We opted for the 8:30 am horseback ride to the river entrance. From there we each got our own tubes and were put in immediately into some awesome rapids. It was a 5km river and it went by so quick. Easily 90% rapids and they were sooooo much fun! We laughed the whole time and somehow neither of us flipped out. You could have put me on a bus back to the start and I would have done it all day long. 


From the Hacienda we headed west to the beach. Playa Hermosa, Playa Flamingo, Playa Conchal, and Playa Tamarindo were all on my list. If we had one more day we would have done some beach hopping, but alas our vacation was coming to a close and we only had one more day. We opted to get into Tamarindo earlier and check out the town and the hotel. Along the way we commented how nice it was driving in Costa Rica and how easy it was. No real rules, more like guidelines, and everyone just makes it work. And just then "IGUANA!!!!" Slam the breaks! 

Once in Tamarindo we stayed at Hotel Argo Iris. A cute little boutique hotel just off the stop enough to be quiet at night, but close enough to easily walk to the beach and into town. They also had some resident iguanas. The room was small but nice and had A/C. My only complaint was the huge gap in the door which meant bugs (and a cockroach) could get in. Also the restaurant, Seasons, had live music until about 9:30 on Thursday night and our worn out selves were ready to crash at 8:30. The music wouldn't have bothered us but it was fairly awful. 

That night we walked the town, had fresh brews at Volcano Brewing, and Jeremy graciously stopped in like every store with me while I found a few dresses to take home. My intention was to get some colorful beach dresses, but of course I came home with two new black ones. I really tried to branch out!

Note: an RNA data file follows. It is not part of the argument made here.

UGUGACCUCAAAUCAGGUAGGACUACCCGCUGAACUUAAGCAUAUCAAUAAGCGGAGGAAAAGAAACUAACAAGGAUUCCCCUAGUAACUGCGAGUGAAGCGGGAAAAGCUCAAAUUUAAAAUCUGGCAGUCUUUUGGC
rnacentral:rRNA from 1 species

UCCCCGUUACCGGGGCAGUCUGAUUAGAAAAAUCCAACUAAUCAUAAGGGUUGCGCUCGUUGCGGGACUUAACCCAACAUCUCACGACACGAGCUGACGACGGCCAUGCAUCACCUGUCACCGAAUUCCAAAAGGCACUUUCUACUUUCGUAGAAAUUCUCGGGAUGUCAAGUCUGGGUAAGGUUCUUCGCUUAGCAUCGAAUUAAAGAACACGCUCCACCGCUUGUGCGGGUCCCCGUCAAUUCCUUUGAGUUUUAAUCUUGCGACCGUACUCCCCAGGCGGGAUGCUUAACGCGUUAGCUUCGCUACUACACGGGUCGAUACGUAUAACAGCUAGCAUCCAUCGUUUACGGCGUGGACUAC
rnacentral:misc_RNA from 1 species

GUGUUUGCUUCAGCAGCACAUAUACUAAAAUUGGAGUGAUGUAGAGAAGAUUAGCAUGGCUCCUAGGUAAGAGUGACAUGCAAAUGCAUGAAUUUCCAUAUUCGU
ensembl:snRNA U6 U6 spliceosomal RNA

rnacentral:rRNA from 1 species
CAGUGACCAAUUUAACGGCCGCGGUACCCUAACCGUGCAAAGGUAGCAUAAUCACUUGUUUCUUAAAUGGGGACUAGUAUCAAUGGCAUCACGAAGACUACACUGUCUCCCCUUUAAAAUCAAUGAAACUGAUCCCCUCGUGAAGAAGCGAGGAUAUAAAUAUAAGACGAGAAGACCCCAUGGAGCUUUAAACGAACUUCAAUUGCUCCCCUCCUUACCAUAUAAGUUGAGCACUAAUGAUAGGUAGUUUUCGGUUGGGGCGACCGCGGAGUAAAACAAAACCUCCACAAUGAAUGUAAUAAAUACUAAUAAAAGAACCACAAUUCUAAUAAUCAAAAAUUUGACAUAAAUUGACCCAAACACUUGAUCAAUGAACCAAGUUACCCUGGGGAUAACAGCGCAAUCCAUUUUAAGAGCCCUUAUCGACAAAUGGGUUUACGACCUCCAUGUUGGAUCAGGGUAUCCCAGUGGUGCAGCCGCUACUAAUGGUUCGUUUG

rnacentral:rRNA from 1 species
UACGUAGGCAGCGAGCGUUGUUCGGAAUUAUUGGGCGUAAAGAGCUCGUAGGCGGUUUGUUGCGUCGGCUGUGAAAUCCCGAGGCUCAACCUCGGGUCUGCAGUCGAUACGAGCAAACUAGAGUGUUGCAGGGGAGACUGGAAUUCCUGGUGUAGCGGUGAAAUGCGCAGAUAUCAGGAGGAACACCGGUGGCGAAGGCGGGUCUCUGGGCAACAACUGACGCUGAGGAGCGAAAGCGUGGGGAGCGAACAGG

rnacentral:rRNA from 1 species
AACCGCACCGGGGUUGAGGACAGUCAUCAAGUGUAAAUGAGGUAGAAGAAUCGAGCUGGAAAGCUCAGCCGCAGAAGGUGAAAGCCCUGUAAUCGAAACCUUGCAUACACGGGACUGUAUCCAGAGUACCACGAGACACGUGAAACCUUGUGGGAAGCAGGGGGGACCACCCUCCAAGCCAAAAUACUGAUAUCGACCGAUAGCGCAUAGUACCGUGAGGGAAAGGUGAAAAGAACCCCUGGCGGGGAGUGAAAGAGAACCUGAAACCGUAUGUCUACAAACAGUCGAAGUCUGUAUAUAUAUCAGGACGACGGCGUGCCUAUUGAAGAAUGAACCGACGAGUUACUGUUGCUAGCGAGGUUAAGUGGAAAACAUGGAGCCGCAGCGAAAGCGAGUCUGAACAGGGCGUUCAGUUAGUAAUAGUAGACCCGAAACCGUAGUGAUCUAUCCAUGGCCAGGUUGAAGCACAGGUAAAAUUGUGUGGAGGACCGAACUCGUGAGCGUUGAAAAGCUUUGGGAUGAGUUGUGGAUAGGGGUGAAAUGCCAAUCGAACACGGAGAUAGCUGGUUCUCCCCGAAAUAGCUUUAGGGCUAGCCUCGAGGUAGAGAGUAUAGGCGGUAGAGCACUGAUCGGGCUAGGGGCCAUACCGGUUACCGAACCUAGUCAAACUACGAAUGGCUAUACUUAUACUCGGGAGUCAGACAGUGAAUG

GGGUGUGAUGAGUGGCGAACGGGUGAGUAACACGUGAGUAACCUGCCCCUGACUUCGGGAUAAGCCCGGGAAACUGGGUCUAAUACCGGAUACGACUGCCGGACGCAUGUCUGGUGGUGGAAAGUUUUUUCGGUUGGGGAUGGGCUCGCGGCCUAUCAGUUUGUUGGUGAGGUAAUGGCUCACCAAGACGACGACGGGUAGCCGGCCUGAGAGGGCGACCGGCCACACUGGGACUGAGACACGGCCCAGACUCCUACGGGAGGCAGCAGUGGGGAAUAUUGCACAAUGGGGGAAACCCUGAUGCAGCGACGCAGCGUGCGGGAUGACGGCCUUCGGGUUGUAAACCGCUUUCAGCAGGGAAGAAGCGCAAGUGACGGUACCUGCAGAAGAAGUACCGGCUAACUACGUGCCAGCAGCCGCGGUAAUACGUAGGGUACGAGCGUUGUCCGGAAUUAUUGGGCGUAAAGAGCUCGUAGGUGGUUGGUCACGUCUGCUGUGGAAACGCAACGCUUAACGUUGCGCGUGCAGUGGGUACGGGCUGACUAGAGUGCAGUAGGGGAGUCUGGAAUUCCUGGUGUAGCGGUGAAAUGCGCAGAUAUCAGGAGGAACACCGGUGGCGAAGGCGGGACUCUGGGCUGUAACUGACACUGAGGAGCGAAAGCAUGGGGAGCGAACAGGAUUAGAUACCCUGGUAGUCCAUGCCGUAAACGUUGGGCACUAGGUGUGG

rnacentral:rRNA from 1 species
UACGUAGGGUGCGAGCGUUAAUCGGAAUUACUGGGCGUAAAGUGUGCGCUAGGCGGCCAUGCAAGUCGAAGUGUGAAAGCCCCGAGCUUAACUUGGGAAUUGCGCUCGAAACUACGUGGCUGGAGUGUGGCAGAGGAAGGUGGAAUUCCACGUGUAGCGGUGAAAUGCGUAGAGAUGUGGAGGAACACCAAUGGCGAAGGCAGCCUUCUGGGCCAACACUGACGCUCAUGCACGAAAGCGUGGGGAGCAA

We ate dinner that night, and lunch the following day, at beach restaurants right on the sand. You pay for the novelty but it was still nice and the food wasn't bad; in fact my mahi magi was pretty good the first night. Two things about Tamarindo: 1, it's totally an American tourist destination. Everything, or nearly everything, is in dollars. 2, it's slooooow. As in the service is so slow. But hey, your on the beach, pura vida. 

Our last day we opted for surf lessons over a catamaran sunset sail. Best decision. We took lessons from Iguana Surf (I-wanna surf). A group lesson is 4 people/instructor (we had 3) and was $45/pp including board, lesson, locker rental, and rash guard shirt. Turns out I wish I had rash guard shorts (do they make those?), or at least board shorts. My thighs have such bad board rash on them. Perhaps I was doing something wrong on the get up.

We had a blast surfing. Both Jeremy and I got up almost right away and our instructor was very helpful. We had a 2 hour lesson the rented the boards for another 2 hours. By the end we were exhausted and the waves were getting a bit too strong for us beginners. 
After lunch and we headed to the hotel pool for a dip in some fresh water. There we chatted up some other guests for a while before showering and heading back to town for sunset. After all, what better way to end the vacation than with drinks in hand and sunset on the beach! 

Dinner our last night was at the Green Papaya. A taco bar near our hotel. I am so glad they were open for dinner and not just lunch. In fact I'm feeling full just writing this. First, the atmosphere is great. Beautiful tiki ambience with wood tables and outside bar tables with wooden rope swings for seating. First came chips and dip. Best homemade tortilla chips ever. Next was the tacos. Oh My Goodness. Nothing, and I mean nothing, I have ever had in my life compares to these tacos. In fact I don't know if I can ever visit Torchies again. These things were huge and out of this world delicious. Each plate came with two tacos so we split them, Mahi Mahi on one order and Seared Ahi Tuna for the other. Each taco came with two huge chunks of fish, seriously fist size, on top of red cabbage and some aioli or sauce. The mahi was so fresh, delicate, and tasty. The tuna was rubbed in a ginger sesame wasabi that was packed with flavor. I'm salivating as I type. If you are in Tamarindo you must go here.

After feeling incredibly full, and realizing coffee shops aren't open at night here, we retired to our room and rested. Vacation would be over soon.

Friday morning we headed out back to Liberia. We opted to prepay for gas for the rental car because I thought our flight was at 7am which meant driving at 3am but it turns out it wasn't till 9:30 and we could have easily got our own gas. Also, a point of note, the $29 exit visa cost is now included in the airline fee, so no worry about having to get that at the airport.

As I sit here on the plane I reflect on the amazing trip we had. Thank you so much to my parents for watching the boys for a week. We miss them and can't wait to get home, but we also were so happy to have this time to ourselves. 

Costa Rica, we will be back. 

Pura Vida!